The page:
Are there mountain lions in the Great Smoky Mountains? Many have claimed to see the big cats in the beautiful and wide span of the Great Smoky Mountains National Park. The native bobcat could easily be mistaken for a mountain lion, though the cats are similar, they are not the same. Mountain lions are much larger than their commonly mistaken counterparts, growing to be 7-9 feet, while bobcats are usually only 3 feet long with much shorter tails.
Are there mountain lions in the Smoky Mountains?
Mountain lions were extirpated from Tennessee in the 1900s and North Carolina in the 1800s, which includes the Smoky Mountains. While there are reported sightings of mountain lions every year in the Smoky Mountains, they are likely bobcats and none have been confirmed as actual cougars. So as far as as anyone knows, there are no mountain lions in the Smoky Mountains nor have there been for a long time.
Having said that, there have been a handful of confirmed sightings in Tennessee since 2015, so it’s possible mountain lions are making a comeback in this area of the country. Between 2015 and 2016 there have been at least 10 confirmed sightings of mountain lions in Tennessee in Obion, Humphreys, Carroll, and Wayne counties. None of these counties are in the Smoky Mountains.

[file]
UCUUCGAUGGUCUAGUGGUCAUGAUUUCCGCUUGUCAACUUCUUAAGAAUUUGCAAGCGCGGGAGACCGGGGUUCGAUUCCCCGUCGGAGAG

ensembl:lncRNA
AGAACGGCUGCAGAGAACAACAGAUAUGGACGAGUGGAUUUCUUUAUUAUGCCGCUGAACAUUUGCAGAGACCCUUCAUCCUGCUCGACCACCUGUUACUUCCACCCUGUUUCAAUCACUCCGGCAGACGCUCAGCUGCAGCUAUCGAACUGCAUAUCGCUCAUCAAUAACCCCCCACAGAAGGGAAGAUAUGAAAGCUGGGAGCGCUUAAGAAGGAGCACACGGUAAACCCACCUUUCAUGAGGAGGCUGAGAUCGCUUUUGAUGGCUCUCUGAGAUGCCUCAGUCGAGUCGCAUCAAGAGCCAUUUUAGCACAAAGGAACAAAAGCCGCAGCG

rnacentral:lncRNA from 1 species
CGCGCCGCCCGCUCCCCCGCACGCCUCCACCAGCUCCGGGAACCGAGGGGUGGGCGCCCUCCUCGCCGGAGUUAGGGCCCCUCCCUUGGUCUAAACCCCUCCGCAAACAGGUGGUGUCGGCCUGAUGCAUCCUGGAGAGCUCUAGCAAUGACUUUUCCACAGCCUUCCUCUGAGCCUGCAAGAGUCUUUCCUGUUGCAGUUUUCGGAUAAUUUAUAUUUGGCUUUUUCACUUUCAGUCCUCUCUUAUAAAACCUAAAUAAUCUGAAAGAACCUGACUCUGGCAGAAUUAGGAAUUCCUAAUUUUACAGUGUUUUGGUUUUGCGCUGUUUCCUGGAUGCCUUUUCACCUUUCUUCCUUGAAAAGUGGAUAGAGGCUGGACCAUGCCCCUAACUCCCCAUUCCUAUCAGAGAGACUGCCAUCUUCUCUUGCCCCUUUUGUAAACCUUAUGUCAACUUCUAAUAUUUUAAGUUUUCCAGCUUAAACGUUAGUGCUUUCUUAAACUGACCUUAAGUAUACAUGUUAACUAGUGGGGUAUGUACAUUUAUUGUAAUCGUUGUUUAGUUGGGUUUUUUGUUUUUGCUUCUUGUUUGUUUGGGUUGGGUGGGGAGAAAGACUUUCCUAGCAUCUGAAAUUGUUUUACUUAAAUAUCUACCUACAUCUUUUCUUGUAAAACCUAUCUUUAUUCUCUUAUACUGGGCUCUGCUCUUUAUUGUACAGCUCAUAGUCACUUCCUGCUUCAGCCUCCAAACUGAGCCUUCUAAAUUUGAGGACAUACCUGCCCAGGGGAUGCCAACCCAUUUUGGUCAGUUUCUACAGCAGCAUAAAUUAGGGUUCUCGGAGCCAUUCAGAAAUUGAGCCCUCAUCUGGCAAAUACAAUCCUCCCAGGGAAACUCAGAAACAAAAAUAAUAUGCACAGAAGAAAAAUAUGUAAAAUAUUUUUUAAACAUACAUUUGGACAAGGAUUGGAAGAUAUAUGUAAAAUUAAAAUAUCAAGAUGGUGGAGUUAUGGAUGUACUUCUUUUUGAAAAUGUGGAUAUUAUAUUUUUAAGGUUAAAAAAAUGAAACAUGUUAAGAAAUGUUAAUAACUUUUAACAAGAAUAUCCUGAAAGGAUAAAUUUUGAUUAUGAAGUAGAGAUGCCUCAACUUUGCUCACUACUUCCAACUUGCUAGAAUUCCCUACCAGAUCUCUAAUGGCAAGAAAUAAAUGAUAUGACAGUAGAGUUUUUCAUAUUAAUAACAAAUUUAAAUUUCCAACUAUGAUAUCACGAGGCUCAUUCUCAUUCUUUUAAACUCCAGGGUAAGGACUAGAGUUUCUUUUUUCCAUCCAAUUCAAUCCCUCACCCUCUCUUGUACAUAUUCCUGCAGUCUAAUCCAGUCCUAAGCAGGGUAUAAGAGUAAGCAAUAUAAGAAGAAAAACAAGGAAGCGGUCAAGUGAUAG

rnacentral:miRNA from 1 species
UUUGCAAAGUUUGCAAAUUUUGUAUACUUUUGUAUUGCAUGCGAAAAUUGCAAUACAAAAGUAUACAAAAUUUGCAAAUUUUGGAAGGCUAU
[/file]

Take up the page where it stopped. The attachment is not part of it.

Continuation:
When mountain lions were in the area
As mentioned, there was a presence of the feline in the early 1900’s, but the eastern cougar, or mountain lion, has been considered extirpated (locally extinct) since the 1930’s and were commonly referred to as “ghost cats”.
Their existential decline, beginning in the 1800’s, was due to a combination of their main food source dwindling, the white tailed deer, and human settlement, leaving them without a place to live.
Upon visiting the endangered species list website, they had only been officially extinct in 2011. The population was considered too low to revive this subspecies.
Though if you ask around to the locals, someone is bound to have a story to tell. Eastern mountain lions were taken off the endangered species list in 2015, since they don’t include already extinct animals on the list.
The confirmed sightings in Tennessee
Cougars, or mountain lions, have been known to travel quite far searching for a new home. It’s likely these cats traveled all the way from the midwest!
In 2012, the Journal of Wildlife Management conducted a study on their adventure to new places, concluding they’re making their way eastward. One of the most interesting confirmed findings was a hair sample submitted by a hunter in Caroll, Tennessee which is a little more than 300 miles from the Smoky Mountains.
This sample was actually traced back to similar DNA of cougars in South Dakota! Don’t worry though, if the powerful carnivore does eventually make an established home in Tennessee, it could be hundreds of years.
What makes a sighting confirmed?
Having many claims, it’s followed by a heavy lack of evidence. To be considered a confirmed sighting, there has to be extensively examined evidence, such as a trail camera or most preferably DNA samples.
When ensuring the sightings submitted are legitimate, apparently there’s a handful of individuals photoshopping different combinations of fabricated evidence.